Renaissance Borders, Princeton University, April 13-14, 2012
From the beginning, conceptualizations of the Renaissance have been concerned with borders: between the classical past and the modern present; between pagan and Christian; between the civilized and the barbarous. Even as the idea of the Renaissance has endured various critiques over the past half century, this attention to borders has only intensified. In current debates about secularization and periodization in Renaissance studies, the boundaries between past and present and between the sacred and the profane have taken on a newly charged intensity. And these period-specific border disputes relate to more general questions in the humanities today: the future of interdisciplinarity; the role of material culture in the study of art; political theology and the development of the liberal state; and Jacques Ranciere's reading of aesthetics as a "distribution of the sensible."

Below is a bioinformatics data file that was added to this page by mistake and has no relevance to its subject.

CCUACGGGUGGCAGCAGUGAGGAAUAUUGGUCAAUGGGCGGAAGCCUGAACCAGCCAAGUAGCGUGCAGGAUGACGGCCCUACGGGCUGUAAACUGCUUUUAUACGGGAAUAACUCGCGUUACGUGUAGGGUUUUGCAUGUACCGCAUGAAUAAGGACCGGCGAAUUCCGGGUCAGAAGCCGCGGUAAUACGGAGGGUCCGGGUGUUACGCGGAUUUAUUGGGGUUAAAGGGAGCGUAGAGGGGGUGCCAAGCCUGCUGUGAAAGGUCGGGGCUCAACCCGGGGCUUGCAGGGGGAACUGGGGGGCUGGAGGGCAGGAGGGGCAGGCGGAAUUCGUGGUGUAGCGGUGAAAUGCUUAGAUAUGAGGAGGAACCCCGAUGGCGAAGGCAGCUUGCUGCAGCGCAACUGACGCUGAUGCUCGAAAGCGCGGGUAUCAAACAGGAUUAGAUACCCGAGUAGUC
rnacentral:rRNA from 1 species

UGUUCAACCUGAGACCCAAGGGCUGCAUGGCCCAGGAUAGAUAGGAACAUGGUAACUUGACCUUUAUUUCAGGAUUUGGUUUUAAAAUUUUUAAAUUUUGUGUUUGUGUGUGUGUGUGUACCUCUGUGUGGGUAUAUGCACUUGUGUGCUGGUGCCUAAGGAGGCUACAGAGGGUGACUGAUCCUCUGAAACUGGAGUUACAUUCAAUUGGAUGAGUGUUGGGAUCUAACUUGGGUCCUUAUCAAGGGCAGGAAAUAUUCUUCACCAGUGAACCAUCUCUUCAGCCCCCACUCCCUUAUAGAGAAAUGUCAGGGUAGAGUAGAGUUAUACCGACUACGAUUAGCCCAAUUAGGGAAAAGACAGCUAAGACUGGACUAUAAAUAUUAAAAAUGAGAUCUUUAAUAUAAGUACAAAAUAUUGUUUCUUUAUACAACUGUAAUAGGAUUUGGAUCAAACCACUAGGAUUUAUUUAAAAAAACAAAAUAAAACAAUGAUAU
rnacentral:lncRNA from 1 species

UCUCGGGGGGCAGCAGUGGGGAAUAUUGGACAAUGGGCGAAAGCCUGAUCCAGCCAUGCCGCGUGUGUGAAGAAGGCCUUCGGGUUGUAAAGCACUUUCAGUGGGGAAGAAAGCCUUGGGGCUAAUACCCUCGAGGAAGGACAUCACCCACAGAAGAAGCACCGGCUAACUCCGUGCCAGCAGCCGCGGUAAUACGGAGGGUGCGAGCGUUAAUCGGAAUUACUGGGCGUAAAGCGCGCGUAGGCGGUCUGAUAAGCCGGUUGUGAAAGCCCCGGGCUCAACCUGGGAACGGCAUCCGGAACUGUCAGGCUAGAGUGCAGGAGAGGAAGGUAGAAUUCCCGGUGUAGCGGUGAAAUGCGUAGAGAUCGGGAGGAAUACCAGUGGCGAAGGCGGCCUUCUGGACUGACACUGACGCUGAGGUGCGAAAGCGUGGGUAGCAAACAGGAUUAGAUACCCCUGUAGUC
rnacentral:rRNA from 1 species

We invite graduate students from across the disciplines to submit abstracts addressing the issue of borders in the Renaissance, broadly conceived. Topics of interest might include:
- - National territory, identity, and art
- - Marginalia
- - Relations between the disciplines
- - Levels of style, genre, and class
- - Periodization
- - Secularization
- - City and country
- - Economic, political, and aesthetic distribution
- - Citizen, human, creature
- - Exceptions and emergencies
Please submit an abstract of no more than 250 words to email@example.com by February 1, 2012.